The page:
A chance – and much more amiable meeting – on the Sunset Strip would prove to be a pivotal moment not only in Mr. Ballantyne’s songwriting career, but his life.

In 1967, while Mr. Ballantyne was still a Wildcat, the Monkees were the hottest thing going. This was due in large part to the talents of songwriters Bobby Hart and Tommy Boyce, who were writing and producing for the television band turned musical phenomenon.

“Last Train to Clarksville?” That’s Boyce and Hart, as are “(Theme from) ‘The Monkees,’” “Come a Little Bit Closer” (Jay and the Americans) and “Hurt So Bad” (Little Anthony and the Imperials.)

“Boyce and Hart’s songs were being recorded by nearly everyone, and they even had a Top 10 song on their own,” Mr. Ballantyne said. “The were the coolest of the cool.”

While making cold calls on music publishers in the heart of Hollywood during a break in his college studies, Mr. Ballantyne spotted Bobby Hart and Tommy Boyce in a street café. Starry-eyed and brimming with verve, the 18-year-old from Pueblo wasn’t about to let this once-in-a-lifetime opportunity pass.

“I calculated how to arrive at the cash register at the same time they would,” Mr. Ballantyne said. “My plan was to casually compliment them on one of their album cuts.”

Compliment accepted, the songwriting duo took little time figuring out that that Mr. Ballantyne was himself a crafter of music hoping to get his career off the ground.

“With kindness and grace, they offered to set up a meeting with their music publisher,” Mr. Ballantyne said. “They did as they promised, and it got me a break of a lifetime. Not only did I have the ear of a hot Hollywood publisher, I had access to the interior hallways of the Boyce and Hart offices where Monkees came in and out.”

Inspired by this happenstance meeting he termed “a miracle,” Mr. Ballantyne did everything in his power to take advantage of the opportunities afforded him.

“It was such a thrill when I got word that Bobby Vinton was recording a song Bobby Hart helped me write,” Mr. Ballantyne said. “I felt like I was one of the Hollywood ‘in crowd’ when Bobby and I drove to Vinton’s ivy-covered estate overlooking the Pacific Ocean to discuss lyric changes.”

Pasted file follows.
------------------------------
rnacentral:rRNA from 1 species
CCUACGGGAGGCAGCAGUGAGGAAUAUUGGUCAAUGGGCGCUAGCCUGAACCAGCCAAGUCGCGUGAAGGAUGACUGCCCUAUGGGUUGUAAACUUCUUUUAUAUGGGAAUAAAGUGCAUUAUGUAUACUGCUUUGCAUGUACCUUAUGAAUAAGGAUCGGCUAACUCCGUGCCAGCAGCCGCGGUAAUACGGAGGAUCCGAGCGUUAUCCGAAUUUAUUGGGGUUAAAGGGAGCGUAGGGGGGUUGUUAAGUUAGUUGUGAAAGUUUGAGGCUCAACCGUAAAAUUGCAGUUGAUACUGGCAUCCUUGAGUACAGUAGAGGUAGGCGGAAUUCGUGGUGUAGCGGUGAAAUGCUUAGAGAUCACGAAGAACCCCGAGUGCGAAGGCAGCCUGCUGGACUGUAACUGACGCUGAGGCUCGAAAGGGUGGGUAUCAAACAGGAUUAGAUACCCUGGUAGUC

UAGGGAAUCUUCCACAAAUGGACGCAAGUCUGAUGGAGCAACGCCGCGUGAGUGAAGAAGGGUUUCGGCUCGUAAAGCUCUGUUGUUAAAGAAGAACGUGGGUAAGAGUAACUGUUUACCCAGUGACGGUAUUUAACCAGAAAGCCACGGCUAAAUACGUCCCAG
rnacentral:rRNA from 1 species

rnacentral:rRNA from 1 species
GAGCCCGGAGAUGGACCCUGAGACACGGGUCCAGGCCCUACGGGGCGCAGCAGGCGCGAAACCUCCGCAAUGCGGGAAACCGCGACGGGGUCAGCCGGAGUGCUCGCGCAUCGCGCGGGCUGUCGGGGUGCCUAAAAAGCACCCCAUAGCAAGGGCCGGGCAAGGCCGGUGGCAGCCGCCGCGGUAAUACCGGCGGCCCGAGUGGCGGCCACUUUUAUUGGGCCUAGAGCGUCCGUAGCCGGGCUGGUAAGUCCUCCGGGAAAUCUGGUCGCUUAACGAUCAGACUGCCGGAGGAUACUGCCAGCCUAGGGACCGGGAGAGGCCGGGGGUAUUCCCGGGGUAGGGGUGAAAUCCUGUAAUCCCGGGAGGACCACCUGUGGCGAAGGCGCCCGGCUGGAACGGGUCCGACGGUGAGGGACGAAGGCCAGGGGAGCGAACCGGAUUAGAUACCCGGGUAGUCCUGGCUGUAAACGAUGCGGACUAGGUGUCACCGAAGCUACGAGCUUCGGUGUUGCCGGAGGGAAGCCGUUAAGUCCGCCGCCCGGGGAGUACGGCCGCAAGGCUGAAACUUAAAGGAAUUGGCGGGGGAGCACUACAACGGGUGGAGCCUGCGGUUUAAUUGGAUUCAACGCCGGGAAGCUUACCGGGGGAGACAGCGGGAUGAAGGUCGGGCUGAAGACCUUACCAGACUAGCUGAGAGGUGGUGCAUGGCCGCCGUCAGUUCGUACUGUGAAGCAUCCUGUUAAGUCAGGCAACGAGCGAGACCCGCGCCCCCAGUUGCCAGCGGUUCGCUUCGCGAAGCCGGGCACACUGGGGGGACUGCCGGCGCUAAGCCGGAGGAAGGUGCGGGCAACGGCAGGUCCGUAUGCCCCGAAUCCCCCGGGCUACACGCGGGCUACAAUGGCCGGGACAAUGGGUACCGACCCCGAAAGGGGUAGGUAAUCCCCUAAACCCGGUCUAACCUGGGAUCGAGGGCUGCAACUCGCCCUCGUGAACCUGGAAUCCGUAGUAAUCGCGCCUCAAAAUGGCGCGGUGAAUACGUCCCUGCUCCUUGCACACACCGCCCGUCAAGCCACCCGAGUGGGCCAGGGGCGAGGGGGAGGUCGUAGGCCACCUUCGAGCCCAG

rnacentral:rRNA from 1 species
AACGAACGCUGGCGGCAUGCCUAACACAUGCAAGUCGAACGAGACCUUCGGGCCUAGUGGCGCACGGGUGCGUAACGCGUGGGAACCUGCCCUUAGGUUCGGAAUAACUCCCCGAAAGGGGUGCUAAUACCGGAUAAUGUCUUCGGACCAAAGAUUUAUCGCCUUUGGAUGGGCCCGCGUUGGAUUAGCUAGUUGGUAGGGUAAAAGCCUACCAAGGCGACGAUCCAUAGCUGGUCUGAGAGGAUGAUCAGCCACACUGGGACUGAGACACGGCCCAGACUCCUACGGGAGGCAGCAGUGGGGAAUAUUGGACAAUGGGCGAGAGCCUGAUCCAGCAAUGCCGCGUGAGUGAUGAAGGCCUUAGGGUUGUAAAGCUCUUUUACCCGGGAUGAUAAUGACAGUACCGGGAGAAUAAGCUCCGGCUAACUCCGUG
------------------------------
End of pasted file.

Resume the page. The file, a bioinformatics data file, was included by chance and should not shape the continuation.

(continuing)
In Tinseltown, it truly is about who you know.

“I enjoyed how Hollywood acknowledged people who simply knew somebody famous,” Mr. Ballantyne said. “So I made sure everyone knew that I wrote songs with Bobby Hart – at his home – and that I could call him any time.”

Between 1971 and 1979, Mr. Ballantyne was a signed songwriter and producer of demonstration recordings for Metromedia Music and New York Times Music. His songs were recorded by such luminaries as Jim Nabors, Jackie DeShannon, Roger Williams, The Ovations, Nancy Wayne and everyone’s favorite TV kids, The Brady Bunch.

“My songs are like friends who shared a specific time of life with me,” he said. “The music business improved my life professionally and financially, but even more significantly, the people and experiences enriched my very existence in never-ending, various and sometimes totally unexpected ways.”

Like Bobby Hart, Mr. Ballantyne found in legendary radio personality Casey Kasem a fervent supporter.

“Casey liked my songs: even the ones that didn’t get high enough on the charts to be on his show,” Mr. Ballantyne said. “Casey and I became friends and he and his wife Linda would invite me to their home.”

Psychedelic Bubble Gum Book CoverNo relationship, however, topped the one that Mr. Ballanytne formed with Bobby Hart. 

In addition to the ins-and-outs of “The Biz,” Mr. Ballantyne learned something much more significant and life-changing from his spiritually inclined mentor: “that success is measured by how my inner peace and mental control enable me to be calm and joyful under all circumstances,” Mr. Ballantyne explained. 

To this day, the two remain dear friends, with Mr. Ballantyne contributing to “Psychedelic Bubble Gum,” Bobby Hart’s best-selling memoir.